Light from Light: «A few things I know about her»

Manos Stefanides

Drama is multifaceted. Drama is hidden in the folds of light in order not to reveal its secrets. Drama balances, in painting terms, between narrative and silence, representation and abstraction. Drama is action plus melancholy: The art of Irene Kana, in other words. A type of painting divided between two “homes”, two harbours, in the north and in the south, in nights and afternoons, in landscapes and figures, in faces and journeys, in scriptures tender and tough, in bright and melancholic gazes. The gaze of the painter, the glance of the spectator.

What does Irene Kana paint when she ignites her canvases with terras and umbers, with vermilion and ochre, with warm, orange and blue violet colours, deep harmonies? In my opinion, she paints the memory that fades, the hedonic, liquid moments that have gone by, the ideal images of a teenager dreamlike fantasy.

The painter’s ambition is to create the image of every form of love. Love for life, for humans, for things. Maybe that’s why her paintings are so sensual, so rich with reliefs, with thick brushstrokes of paste.

Is it a contradiction that I simultaneously discuss drama, melancholy and the joy of life, joie de vivre, and the explosion of colour? I think not. Because art generally is our melancholic shield against the barbarity of life. Because it is our way of looking at daily life. Or, it is simply Irene Kana’s way, as when her cyclists or her sailing ships begin their trips from an Aegean port to reach the sky…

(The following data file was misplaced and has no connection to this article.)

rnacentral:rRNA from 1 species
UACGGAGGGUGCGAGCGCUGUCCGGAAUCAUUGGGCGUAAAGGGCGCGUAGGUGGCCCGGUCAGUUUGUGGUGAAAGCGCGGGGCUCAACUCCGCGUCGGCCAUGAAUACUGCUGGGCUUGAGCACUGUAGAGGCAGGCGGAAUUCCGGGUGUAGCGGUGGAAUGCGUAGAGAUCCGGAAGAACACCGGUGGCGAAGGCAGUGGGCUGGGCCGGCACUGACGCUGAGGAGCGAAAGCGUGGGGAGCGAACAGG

On the one hand time that has become a memory, and on the other, time that acquires form through an artistic record. Anyone who doesn’t see time standing still in the compositions of Irene, should probably look closer. In that moment, any waves of melancholy will be transformed in his eyes to acceptance, and yield to a deeper calmness.

They will be light from light…

P.S. Formally speaking about painting, anyone studying the works of Irene Kana must stress the resonances of Nikolaos Lytras and Panayiotis Tetsis in her compositions, or the colour of the fauvists and especially that of Kees van Dongen in her portraits of children. But more than what she borrows, loves, or alludes to, what prevails in them is the completely personal style she has managed to master. With a lot of work. With a lot of focus. With the tenacity of one who wants to bring a half sunken city back into light…

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